One more thing before we start: you can say pick-up lines or chat-up lines – same thing. Also, I’ve collected the examples I’m giving you in this episode from a few different sites so if you’d like to see more, just do an online search for “pick-up lines”. You’ll find a lot.

Alright, so how about this one: Your hand looks heavy. Let me hold it for you. A bit cheeky if it’s coming from a stranger, is what I think. So here’s a list of my “favourite” ones, so to speak:

Come live in my heart, and pay no rent.

We’re not socks, but I think we’d make a great pair.

I hope there’s a fire truck nearby, ’cause you’re smoking!

Well, here I am. What were your other two wishes?

If I were a cat, I would spend all 7 lives with you.

What do you think so far? Good? Seriously, if you’re a girl – what would your reaction be if someone you barely know said those to you? Has anyone ever approached you with a cheesy or funny pick-up line? In my case, I only remember that happening in one instance, seriously: I was walking my dog, and a guy said something along the lines of “If I say woof-woof will you take me home?” Everyone, I swear he said that, and I found it kind of funny. I still do.

From the list of pick-up lines I just read, I think my favourite one was “Well, here I am. What were your other two wishes”. I mean, I would just burst out laughing if someone said that to me – it’s too funny. So let me give you another short list of lines:

You’re so hot, I could bake cookies on you.

You look cold. Want to use me as a blanket?

Hey, my name is Microsoft. Can I crash at your place tonight? 

Do you know what’s on the menu? Me ‘n’ u.

OK, I don’t know about you, but if I heard any of those I’d laugh. I guess any guy saying these lines would be prepared for the girl to laugh. Now, I’ve only selected a few funny ones, but I would like to hear from guys and girls what your experience with this is in real life. Have you actually used a funny chat-up line on someone you barely knew? What was their reaction?

I guess it’s a lot more common for men to say that to girls, so what about you, ladies? What have guys said to you, and how did you react? Please let me know in the comments, and talk to you next time!

 

Vocabulary

plain distasteful = simplesmente de mau gosto

cheeky = um pouco insolente mas pode ser bem-humorado ao mesmo tempo

smoking = atraente, linda

 

Podcast: Cover your tracks

Hello, everyone.

Hoje, no podcast, eu falo sobre um idiom muito comum com a palavra cover – não perca!

Observação: Para ver e ouvir podcasts de semanas anteriores, clique em Podcast Inglês Online no menu.

Baixe os podcasts no seu aparelho Android com o aplicativo Inglês Online; ou assine os podcasts usando o aplicativo Podcasts para iPhone e iPad.

Você pode também assinar o feed do podcast ou encontrá-lo no iTunes (veja o menuzinho ali ao lado). Enjoy!

Baixe o mp3
Para imprimir a transcrição, clique no ícone da impressora que aparece logo antes do início deste post.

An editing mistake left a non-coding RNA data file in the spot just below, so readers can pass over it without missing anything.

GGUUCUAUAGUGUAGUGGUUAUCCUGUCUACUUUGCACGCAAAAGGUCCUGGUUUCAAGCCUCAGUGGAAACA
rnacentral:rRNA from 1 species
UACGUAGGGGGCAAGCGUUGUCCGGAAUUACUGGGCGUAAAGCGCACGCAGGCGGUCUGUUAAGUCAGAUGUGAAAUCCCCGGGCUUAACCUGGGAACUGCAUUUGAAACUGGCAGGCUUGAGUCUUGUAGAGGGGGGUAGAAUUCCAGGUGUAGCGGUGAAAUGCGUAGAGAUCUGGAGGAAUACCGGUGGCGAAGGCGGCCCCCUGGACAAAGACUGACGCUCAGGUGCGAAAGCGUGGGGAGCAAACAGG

[audio:http://media.blubrry.com/podcast_ingls_online/www.inglesonline.com.br/mp3/podcast-covertracks.mp3]

Transcrição

Hello, everyone. You’re listening to the new episode of the Inglês Online podcast. Thank you for telling everyone you know about this podcast and, enjoy!

So listen to this: when people do something wrong, sometimes they remember to cover their tracks. Many times they don’t! In those cases, it’s easy to figure out what that person did. For example: let’s say your work colleague Richard one day decides to steal from your company. Steal… office supplies. Yeah, pencils and notepads. He opens the supplies cupboard and takes, like, fifty pencils and about twenty notepads. However, Richard does all that while he’s eating cherry ice cream. Yes, cherry ice cream. That’s bright red.

So what happens? When Mary, the admin, opens the cupboard a few hours later she notices it’s been raided. As she wonders who stole all those office supplies, she sees some cherry ice cream on the floor. She immediately remembers that Richard loves cherry ice cream. In fact, he’s the only person in the entire office who likes that particular flavour of ice cream. She finds it very strange that Richard would have come to the office supplies cupboard to get stuff without speaking to her first. Why?

Well, because Mary is in charge of office supplies. So when someone in the office needs a new pen, or an eraser, or a notepad, they usually tell her what they need, and then Mary herself goes to the cupboard and brings the supply to that person. That way she always knows what’s in stock and what’s not. So right now she’s looking at the notepads and the pens, and she can see they’re running low. She’s suspicious. She looks at all that cherry ice cream on the floor – she’s actually a bit mad ’cause she stepped on it – and she knows it was Richard!

Richard stole office supplies but he didn’t cover his tracks, he just didn’t. Maybe he forgot. If Richard had remembered to cover his tracks, he could have looked around and searched for evidence that he’d been in the supplies cupboard. Maybe then he would have spotted the cherry ice cream on the floor, and cleaned it up. That way Mary wouldn’t be able to immediately figure out that it was him who stole all the supplies.

There’s more, though. As you may remember, Richard stole fifty pencils and about twenty notepads. That’s a lot of supplies, and he hid them all under his desk. Well, when Mary came back from the supplies closet she headed straight over to Richard’s desk. He wasn’t there, but Mary took a peek under his desk and she obviously saw the stolen pencils and notepads. I think it is clear that Richard definitely didn’t cover his tracks!

Not only did he leave cherry ice cream on the floor near the cupboard, but he also did a poor job of hiding what he stole. In order to cover your tracks, you would have to to hide or destroy anything that shows where you’ve been or what you’ve been doing – in other words, the incriminating evidence!

So, yeah, Richard did a poor job of covering his tracks, and he got caught. His manager called him into his office for a little chat… and Richard got suspended for a month and had to go through some HR training.

Can you think of a similar story where someone covered their tracks… or maybe they didn’t, and got caught? Let me know and talk to you next time!

 

Key expressions

  • cover my/your/his tracks

 

Vocabulary

cupboard = armário

admin = administrative assistant

raided = atacado de surpresa (aqui, num sentido mais figurado – não é um ataque de verdade)